Awful Roy Rogers' roast beef

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Bonk
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2015/04/10 03:17:24 (permalink)

Awful Roy Rogers' roast beef

We were coming back through Pennsylvania and wanted to get something quick, so we decided to hit one of the Roy Rogers. Was that ever a mistake.

I've never had a disappointing sandwich from them, but I'd heard the quality had been slipping in recent years.

We both got a roast beef, and not only did it take almost 10 minutes, it was so dry and overdone it was nearly inedible. If we have to eat there again we'll stick with the burgers, but that's sad because their roast beef used to be outstanding.
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    ScreamingChicken
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    Re: Awful Roy Rogers' roast beef 2015/04/10 08:24:21 (permalink)
    Awful Roy Rogers Roast Beef...Arrrbys?
    #2
    TJ Jackson
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    Re: Awful Roy Rogers' roast beef 2015/04/10 10:21:15 (permalink)
    Roney's should be open this summer, Bonk :-)
    #3
    Bonk
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    Re: Awful Roy Rogers' roast beef 2015/04/10 19:06:29 (permalink)
    TJ Jackson
    Roney's should be open this summer, Bonk :-)


    Thank God for that.
    #4
    MetroplexJim
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    Re: Awful Roy Rogers' roast beef 2015/04/11 07:54:03 (permalink)
    Bonk
    We were coming back through Pennsylvania and wanted to get something quick, so we decided to hit one of the Roy Rogers. Was that ever a mistake.

    I've never had a disappointing sandwich from them, but I'd heard the quality had been slipping in recent years.

    We both got a roast beef, and not only did it take almost 10 minutes, it was so dry and overdone it was nearly inedible. If we have to eat there again we'll stick with the burgers, but that's sad because their roast beef used to be outstanding.



    I have absolutely no doubt that you patronized the Roy Rogers on the Pennsylvania Turnpike @ Somerset.  So have I.  And, like you, I regretted that unfortunate choice.  My experience there was not as bad as yours, but it was disappointing.  But, when I saw a Roy Rogers I just had to stop!
     
    For the uninitiated:
     
    Insight #1:  'Back in the day' when Roy Rogers Restaurants were owned by the Marriott Corporation ('70's - late '80's) if they weren't the best fast food restaurant ever, they came damned close.  After Marriott sold them to Hardees they went downhill fast and most locations ended up being closed.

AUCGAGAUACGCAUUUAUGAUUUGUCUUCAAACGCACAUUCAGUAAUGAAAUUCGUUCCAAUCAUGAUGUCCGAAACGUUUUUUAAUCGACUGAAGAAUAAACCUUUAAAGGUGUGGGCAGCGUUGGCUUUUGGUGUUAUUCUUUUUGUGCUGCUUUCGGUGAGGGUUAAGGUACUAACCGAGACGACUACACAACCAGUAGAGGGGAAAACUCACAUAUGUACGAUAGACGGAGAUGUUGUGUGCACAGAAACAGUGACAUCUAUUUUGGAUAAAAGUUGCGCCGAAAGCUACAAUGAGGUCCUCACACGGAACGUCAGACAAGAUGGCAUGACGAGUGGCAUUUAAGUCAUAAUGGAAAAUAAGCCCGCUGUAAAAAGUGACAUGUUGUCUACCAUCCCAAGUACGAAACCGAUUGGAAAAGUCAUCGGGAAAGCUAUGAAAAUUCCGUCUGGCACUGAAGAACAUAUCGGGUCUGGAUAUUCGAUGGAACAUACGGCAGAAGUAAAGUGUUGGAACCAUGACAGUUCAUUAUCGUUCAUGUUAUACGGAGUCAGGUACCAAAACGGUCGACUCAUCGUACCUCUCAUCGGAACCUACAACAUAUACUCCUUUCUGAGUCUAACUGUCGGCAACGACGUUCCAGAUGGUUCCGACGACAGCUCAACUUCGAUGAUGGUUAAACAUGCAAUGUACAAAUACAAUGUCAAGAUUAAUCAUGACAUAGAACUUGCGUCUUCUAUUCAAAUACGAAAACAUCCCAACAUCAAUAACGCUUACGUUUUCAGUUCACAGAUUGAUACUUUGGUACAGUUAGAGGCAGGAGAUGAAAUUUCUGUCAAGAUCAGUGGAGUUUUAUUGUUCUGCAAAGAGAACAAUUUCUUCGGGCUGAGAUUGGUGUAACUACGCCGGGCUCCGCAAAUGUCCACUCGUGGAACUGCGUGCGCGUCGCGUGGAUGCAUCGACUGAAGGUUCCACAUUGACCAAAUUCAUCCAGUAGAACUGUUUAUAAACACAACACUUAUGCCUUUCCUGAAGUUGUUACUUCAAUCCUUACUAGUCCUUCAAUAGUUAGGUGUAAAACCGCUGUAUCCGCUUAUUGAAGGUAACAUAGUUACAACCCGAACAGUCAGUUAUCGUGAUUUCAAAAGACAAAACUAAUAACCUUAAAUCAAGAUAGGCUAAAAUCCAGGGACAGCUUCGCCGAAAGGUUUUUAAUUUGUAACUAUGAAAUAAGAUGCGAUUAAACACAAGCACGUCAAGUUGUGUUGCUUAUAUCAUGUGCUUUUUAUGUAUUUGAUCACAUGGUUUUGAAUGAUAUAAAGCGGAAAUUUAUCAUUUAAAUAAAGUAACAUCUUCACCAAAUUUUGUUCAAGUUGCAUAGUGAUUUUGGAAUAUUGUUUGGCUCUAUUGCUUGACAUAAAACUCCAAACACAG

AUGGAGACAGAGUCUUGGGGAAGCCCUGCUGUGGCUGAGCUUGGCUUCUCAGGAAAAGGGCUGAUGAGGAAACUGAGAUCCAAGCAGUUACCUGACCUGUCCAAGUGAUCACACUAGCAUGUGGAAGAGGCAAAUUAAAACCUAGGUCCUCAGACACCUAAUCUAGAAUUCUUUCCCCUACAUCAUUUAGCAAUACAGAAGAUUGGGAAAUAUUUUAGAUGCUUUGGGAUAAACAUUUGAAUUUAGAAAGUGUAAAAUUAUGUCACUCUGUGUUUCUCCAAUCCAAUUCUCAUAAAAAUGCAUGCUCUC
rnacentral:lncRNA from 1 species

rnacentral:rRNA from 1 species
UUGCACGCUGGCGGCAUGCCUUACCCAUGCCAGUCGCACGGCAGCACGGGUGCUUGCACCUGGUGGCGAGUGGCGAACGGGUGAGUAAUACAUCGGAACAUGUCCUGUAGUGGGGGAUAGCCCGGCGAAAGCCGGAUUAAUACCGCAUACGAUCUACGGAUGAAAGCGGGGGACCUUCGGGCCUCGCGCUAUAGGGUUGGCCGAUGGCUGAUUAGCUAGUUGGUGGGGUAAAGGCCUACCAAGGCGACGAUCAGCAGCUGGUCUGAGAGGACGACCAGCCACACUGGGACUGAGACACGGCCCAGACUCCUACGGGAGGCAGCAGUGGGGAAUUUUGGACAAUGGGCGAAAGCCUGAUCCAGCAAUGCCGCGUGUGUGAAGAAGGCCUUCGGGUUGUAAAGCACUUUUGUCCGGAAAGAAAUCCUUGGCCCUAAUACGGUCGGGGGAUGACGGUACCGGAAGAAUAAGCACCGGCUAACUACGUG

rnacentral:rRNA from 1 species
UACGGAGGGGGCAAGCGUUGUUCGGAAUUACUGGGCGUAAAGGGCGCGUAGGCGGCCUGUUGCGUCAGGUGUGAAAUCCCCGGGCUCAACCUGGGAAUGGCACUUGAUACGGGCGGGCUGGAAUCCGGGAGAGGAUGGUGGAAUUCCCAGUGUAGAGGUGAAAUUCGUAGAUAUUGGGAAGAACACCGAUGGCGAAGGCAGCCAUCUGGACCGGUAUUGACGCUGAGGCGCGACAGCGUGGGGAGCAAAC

Nevertheless, nostalgia for what they once were mandates a stop for those, like us, who recall them in their hey-days.
     
    Insight #2:  America's first 'super-highway', The Pennsylvania Turnpike, still retains much of the quirkiness of its original design - including rest stops/restaurants/gas stations that are exclusively for those patronizing the turnpike.  Originally, these were what made Howard Johnson rich and famous.  Today, these stops are operated with the same level of quality and customer service that we associate with the Post Office and the DMV.
     
    Bottom Line:  don't judge any restaurant chain by any experience you may have with them in any of their stores on the PA TPK.
     
    ---------------------
     
    BTW:  I'll never forget my first long trip on the Pike in 1959.  I was 11 and it was a novel thrill to be driven 70 - 80 MPH uninterrupted for several hundred miles in our Pontiac Bonneville.  Today most everyone takes the Interstate Highway System for granted.  I don't.  Objectively, it is the greatest engineering feat in human history and one of the many reasons why I regard Dwight Eisenhower to be, by far, the greatest President in my lifetime.
     
     
     
     
    #5
    leethebard
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    Re: Awful Roy Rogers' roast beef 2015/04/11 12:38:28 (permalink)
    Garden state parkway also had Roy Rogers restaurants, and our experience matches yours on the Penny Turnpike,which we have also tried and whole- heartedly agree with you!!!
    #6
    Bonk
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    Re: Awful Roy Rogers' roast beef 2015/04/11 20:32:52 (permalink)
    MetroplexJim
    Bonk
    We were coming back through Pennsylvania and wanted to get something quick, so we decided to hit one of the Roy Rogers. Was that ever a mistake.

    I've never had a disappointing sandwich from them, but I'd heard the quality had been slipping in recent years.

    We both got a roast beef, and not only did it take almost 10 minutes, it was so dry and overdone it was nearly inedible. If we have to eat there again we'll stick with the burgers, but that's sad because their roast beef used to be outstanding.



    I have absolutely no doubt that you patronized the Roy Rogers on the Pennsylvania Turnpike @ Somerset.  So have I.  And, like you, I regretted that unfortunate choice.  My experience there was not as bad as yours, but it was disappointing.  But, when I saw a Roy Rogers I just had to stop!
     
    For the uninitiated:
     
    Insight #1:  'Back in the day' when Roy Rogers Restaurants were owned by the Marriott Corporation ('70's - late '80's) if they weren't the best fast food restaurant ever, they came damned close.  After Marriott sold them to Hardees they went downhill fast and most locations ended up being closed.
     
    Nevertheless, nostalgia for what they once were mandates a stop for those, like us, who recall them in their hey-days.